don't expect doctors to stop with
19th century treatments nor
BOSTON -(/P) -The nation's
biggest robbery was pulled in Bos-
ton last night when a bandit gang
made off with "more than $1,000,-
000" from an armored truck firm.
Police Supt. Edward W. Fallon
said "over $1,000,000 was stolen
and they missed we don't know
how much more because they
couldn't carry it away."
The robbers struck with preci-
sion of a well-drilled squad at a
money transportation firm, on the
"The robbery was so neatly ex-
ecuted,' Capt. John D. Ahearn of
the police special service squad
said, "that it must have been en-
gineered by the cream of Boston's
should we expect composers to
* * *
THERE is a certain stigma at-I
tached to the term modern music
but an ever-growing audience,
particularly of the very old and
young, enthusiastically acclaim
the music of our times, Johnson
Just how much of the great
quantity being written today will
be recognized as great works
cannot be determined while we
are so close to it. In 25 years
we may be able to single out
the outstanding contributions
of the half century, the young
Viewing the first quarter of the
century, Johnson mentioned great
works by Stravinsky, Debussy and
Gershwin as important musical
But we must wait until 1975 to
survey the musical development
of the half century as a whole, he
* * *
THE FORMEI University stu-
dent, teacher, and conductor spoke
of Ann Arbor as his second home.
"Through the opportunities of-
fered here I got all my breaks ...
to say nothing of what I learned,"
Johnson will be back for May
Festival to conduct the Philadel-
NEW INTEGRATED PROGRAMS PLANNED:
Literary College .Halts Combined Curricula
By DAVE THOMAS
In a sweeping change of educa-
tional practice, the literary col-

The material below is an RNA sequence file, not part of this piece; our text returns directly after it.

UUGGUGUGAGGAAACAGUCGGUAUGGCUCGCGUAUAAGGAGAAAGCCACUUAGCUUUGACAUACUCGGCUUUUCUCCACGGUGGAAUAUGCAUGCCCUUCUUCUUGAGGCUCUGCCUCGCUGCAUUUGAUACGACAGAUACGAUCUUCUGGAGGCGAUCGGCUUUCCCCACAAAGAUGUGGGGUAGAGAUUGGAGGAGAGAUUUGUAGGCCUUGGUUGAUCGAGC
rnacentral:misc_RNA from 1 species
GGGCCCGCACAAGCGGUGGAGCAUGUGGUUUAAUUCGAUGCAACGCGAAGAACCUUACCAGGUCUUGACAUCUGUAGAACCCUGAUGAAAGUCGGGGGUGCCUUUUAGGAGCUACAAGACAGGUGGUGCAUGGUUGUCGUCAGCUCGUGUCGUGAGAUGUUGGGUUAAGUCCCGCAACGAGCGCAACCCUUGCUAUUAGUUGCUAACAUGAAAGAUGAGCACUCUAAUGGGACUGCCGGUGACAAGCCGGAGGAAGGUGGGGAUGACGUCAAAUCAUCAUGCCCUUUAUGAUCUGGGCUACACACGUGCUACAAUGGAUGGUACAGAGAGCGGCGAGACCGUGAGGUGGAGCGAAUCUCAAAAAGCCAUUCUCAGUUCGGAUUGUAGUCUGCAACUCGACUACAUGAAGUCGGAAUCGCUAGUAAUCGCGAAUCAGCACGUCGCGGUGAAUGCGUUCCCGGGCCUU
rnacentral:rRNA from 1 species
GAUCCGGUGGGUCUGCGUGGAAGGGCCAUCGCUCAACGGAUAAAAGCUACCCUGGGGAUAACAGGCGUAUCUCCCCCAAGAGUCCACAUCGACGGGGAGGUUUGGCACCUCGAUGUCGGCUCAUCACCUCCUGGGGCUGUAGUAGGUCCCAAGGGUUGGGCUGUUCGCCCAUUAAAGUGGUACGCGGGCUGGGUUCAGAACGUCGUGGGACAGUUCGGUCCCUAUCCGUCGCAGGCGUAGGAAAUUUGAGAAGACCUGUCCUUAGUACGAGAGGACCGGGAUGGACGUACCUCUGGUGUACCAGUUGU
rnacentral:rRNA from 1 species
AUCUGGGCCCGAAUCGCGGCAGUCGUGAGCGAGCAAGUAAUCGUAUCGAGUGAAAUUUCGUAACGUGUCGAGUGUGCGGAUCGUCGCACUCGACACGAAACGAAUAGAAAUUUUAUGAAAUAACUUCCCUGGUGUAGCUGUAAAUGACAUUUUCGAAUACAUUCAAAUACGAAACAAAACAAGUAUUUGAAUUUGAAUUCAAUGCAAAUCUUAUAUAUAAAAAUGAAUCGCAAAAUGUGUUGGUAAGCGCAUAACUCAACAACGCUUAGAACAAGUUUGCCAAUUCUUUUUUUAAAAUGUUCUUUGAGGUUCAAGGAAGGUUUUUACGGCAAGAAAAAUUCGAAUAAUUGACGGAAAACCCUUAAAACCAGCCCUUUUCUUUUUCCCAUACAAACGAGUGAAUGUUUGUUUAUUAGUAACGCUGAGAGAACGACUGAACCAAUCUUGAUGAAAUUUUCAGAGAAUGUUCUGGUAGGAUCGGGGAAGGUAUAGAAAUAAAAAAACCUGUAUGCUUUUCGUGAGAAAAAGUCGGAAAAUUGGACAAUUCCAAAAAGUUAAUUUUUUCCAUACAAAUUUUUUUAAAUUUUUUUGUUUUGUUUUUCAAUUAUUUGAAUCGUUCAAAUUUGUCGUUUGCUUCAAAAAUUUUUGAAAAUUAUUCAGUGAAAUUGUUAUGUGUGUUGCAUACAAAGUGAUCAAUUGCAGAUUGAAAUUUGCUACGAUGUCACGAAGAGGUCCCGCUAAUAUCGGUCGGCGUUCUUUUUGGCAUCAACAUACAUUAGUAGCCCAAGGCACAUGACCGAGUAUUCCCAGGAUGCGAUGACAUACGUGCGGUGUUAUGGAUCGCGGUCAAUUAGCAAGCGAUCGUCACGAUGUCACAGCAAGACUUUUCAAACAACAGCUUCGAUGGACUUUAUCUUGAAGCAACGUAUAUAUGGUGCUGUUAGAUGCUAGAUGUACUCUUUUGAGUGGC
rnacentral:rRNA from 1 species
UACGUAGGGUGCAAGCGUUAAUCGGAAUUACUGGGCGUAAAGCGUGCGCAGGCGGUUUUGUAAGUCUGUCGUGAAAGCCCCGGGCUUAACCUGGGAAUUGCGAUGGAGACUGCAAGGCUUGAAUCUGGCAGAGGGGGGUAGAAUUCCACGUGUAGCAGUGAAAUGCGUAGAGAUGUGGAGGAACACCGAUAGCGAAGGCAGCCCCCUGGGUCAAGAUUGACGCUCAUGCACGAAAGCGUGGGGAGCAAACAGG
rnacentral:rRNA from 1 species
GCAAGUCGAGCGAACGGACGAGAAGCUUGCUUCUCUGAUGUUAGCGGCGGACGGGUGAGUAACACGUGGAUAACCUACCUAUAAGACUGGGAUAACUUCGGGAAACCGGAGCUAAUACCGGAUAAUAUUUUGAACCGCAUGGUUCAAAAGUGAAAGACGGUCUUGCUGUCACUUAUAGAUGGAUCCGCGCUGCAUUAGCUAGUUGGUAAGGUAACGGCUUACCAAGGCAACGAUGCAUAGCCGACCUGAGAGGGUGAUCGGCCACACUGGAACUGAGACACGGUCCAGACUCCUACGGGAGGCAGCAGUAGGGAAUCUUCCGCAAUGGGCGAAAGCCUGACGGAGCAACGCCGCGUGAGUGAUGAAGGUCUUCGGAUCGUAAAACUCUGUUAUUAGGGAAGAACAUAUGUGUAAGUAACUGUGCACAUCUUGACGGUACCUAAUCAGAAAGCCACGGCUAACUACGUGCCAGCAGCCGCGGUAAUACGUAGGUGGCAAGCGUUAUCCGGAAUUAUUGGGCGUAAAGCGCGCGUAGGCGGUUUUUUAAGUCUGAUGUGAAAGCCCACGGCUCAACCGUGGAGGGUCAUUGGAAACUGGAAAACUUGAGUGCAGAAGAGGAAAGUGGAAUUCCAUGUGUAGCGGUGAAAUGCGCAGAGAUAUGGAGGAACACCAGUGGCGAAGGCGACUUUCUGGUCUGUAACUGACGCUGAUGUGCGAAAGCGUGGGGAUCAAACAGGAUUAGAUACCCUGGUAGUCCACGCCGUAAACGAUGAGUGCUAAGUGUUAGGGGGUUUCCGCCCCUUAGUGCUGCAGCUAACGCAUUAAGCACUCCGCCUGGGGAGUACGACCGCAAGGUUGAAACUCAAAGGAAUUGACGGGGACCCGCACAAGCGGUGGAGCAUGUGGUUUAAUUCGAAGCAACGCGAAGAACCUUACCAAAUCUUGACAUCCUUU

lege has abolished the combined
curriculum programs of study, it
was revealed yesterday.
In their stead, new "integrated"
courses of study are planned for
three of the five areas formerly
covered by the combined curricu-
lums. The three areas for which
The new programs will go
into effect next fall but will not
affect students already enrolled
in the old combined curriculums.
Also students matriculating at
the University this February
with the intention of entering
the combined curriculum pro-
gram will be allowed to do so,
Dean Peake said.
The same applies to any person
instigation of the new was re-
ceived from the Board of Regents
at their Dec. 17th meeting. The
new programs were discussed pub-
licly for the first time yesterday
at the University's annual meet-
ing with the Michigan Associa-
tion of Church-Related Colleges.
Law and medical students will
find it necssary to spend extra
time in obtaining both their
able to the A.B. degree to be com-
pleted in the literary college with
a grade point average of 2.5. Then,
the student enters law school
where after his first year of legal
work he must complete 15 addi-
tional hours of work in the literary
college and at least 13 hours of
additional study in the law school.
These 13 or more hours will be
a,~cnted by heu hliterarv ej-nlioe
new program declaring that it
gives "an opportunity for study
of law integrated with its back-
ground of political science, eco-
nomics and other related disci-
plines by permitting concurrent
election of courses both in law and
Medical students will have to
attend one summer session and
After he has satisfied these re-
quirements, he will be granted his
A.B. degree by the literary college
which will accept a maximum of
15 hours toward the 120 hour re-
quirment from his medical school
The new joint program for the
School of Dentistry has not yet
been announced but is expected
tohp aqa , i~lyth a me a